Health and Human Services Secretary Mike Leavitt awarded more than $1 billion in government contracts to five companies for cell-based production of seasonal and pandemic flu vaccines, with a $170 million contract going to MedImmune Inc.
Under the terms of the five-year agreement, MedImmune will "work toward establishing a cell-based manufacturing facility in the U.S.," said Clarencia Stephen, a spokeswoman for Gaithersburg, Md.-based company, adding that the facility will be designed to produce "150 million doses of monovalent intranasal vaccine within six months of the declaration of an influenza pandemic."
Shares of MedImmune (NASDAQ:MEDI) gained 84 cents Thursday to close at $31.89.
The funding is part of a federal $3.3 billion plan aimed at improving the efficiency of flu vaccine production, an objective outlined in the president's National Strategy for Pandemic Influenza. The government's goal is to be able to produce at least 600 million doses within a six-month period, if needed.
In addition to MedImmune, contracts also went to GlaxoSmithKline plc for $275 million, Novartis Vaccines and Diagnostics (comprising Novartis Vaccines and Chiron) for $221 million, DynPort Vaccine Co. LLC for $41 million and Solvay Pharmaceuticals for $299 million.
Work at all those companies will focus on developing a process for manufacturing flu vaccines using cell-based methods. For the past 50 years, flu vaccine production has relied on a technique involving virus strains grown in chicken eggs, but that method likely would not yield enough doses in the event of a pandemic. That process also is dependent upon egg supplies, and cannot be administered to patients with egg allergies.
For instance, MedImmune's marketed intranasal flu vaccine, FluMist, which is manufactured using chicken eggs, has a capacity to scale up to 45 million bulk doses per month. With a cell-based manufacturing process, which involves the introduction of the virus into a container of mammalian cells, the company anticipates producing between 300 million and 400 million doses of a pandemic version of the vaccine on an annual basis.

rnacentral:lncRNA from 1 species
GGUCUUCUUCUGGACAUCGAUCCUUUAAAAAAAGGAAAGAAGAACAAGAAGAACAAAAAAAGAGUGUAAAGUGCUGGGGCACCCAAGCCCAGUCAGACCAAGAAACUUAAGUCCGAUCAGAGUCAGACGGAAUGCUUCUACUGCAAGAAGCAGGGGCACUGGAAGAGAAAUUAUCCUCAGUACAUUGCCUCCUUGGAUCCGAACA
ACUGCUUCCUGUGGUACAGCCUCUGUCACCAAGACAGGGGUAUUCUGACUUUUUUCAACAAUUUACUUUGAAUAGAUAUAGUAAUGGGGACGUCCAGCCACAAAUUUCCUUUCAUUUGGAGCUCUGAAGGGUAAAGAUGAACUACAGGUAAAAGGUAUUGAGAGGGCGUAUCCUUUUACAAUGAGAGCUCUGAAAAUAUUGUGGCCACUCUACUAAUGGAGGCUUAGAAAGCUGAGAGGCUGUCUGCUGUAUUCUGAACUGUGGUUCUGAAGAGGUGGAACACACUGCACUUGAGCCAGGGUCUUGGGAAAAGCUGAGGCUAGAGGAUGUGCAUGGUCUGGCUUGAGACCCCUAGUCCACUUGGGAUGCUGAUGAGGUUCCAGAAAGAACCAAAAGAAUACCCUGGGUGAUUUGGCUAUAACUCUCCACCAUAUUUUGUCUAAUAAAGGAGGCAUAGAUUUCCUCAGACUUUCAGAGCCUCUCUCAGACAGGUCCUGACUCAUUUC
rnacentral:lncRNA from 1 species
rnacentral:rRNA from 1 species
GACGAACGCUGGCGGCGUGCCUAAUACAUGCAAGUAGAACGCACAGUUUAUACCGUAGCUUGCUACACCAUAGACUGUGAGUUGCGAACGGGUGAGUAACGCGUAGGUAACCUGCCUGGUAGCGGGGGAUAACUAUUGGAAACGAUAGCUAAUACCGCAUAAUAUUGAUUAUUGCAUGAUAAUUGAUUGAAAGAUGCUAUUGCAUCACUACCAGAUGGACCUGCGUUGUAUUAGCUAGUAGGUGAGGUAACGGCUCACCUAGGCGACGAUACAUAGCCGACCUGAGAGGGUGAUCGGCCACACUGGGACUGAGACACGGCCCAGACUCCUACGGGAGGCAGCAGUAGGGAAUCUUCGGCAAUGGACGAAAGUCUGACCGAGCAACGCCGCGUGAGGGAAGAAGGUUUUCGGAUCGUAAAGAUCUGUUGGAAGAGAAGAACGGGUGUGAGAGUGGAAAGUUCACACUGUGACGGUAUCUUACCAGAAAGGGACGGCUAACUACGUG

MedImmune already has the cell-based manufacturing technology in place. The company uses it to manufacture Synagis (palivizumab), a monoclonal antibody for preventing respiratory syncytial virus in high-risk infants.
"So we plan to use that technology and expertise in developing an intranasal pandemic vaccine," Stephen said.
Besides FluMist, MedImmune has filed a biologics license application for CAIV-T, a next-generation, refrigerator-stable trivalent vaccine that has demonstrated equivalence to frozen FluMist.
Next month, the company intends to submit a supplemental application to expand the CAIV-T label to include children from 6 months to 5 years, based on Phase III data reported earlier this week showing that MedImmune's vaccine was 55 percent more effective in infants than the standard injectable inactivated flu vaccine.
If it's approved, "we'll be one step closer to bringing a next-generation vaccine to the market," Stephen said, adding that the company anticipates producing CAIV-T for commercial use during the 2007-2008 flu season.
This summer, the company also expects to begin Phase I testing of its avian flu vaccine against the H5N1 strain under a collaboration with the National Institutes of Health.
MedImmune isn't the only firm planning to use funds from its HHS contract award to establish manufacturing capabilities. London-based GlaxoSmithKline anticipates using about $100 million to create a domestic cell-culture flu vaccine production site at its facility in Marietta, Pa. The company expects to use other funds to support clinical development of a trivalent seasonal influenza vaccine, and complete Phase II studies of an H5N1 pandemic flu vaccine. Both of those will be formed using cell-based technologies.
Basel, Switzerland-based Novartis will focus on setting up a U.S. manufacturing site that could produce 150 million doses of flu vaccine within six months after a pandemic hits.
The contract awarded to Solvay covers the development and design costs for establishing another U.S. manufacturing facility. Solvay, of Marietta, Ga., also intends to use funds to support the submission of an investigational new drug application, clinical testing and the filing for regulatory approval for vaccines.
DynPort Vaccine, part of El Segundo, Calif.-based Computer Sciences Corp., intends to use its funding to develop cell culture-derived vaccines and seek FDA licensure on a split virus vaccine for seasonal flu and a modified whole virus vaccine designed to protect against H5N1 pandemic flu. DynPort has partnered with Deerfield, Ill.-based Baxter Healthcare Corp.
Last year, HHS awarded its first contract for developing cell-based vaccines. That $97 million contract went to Paris-based Sanofi-Pasteur for commercial-scale production of influenza vaccine production technology.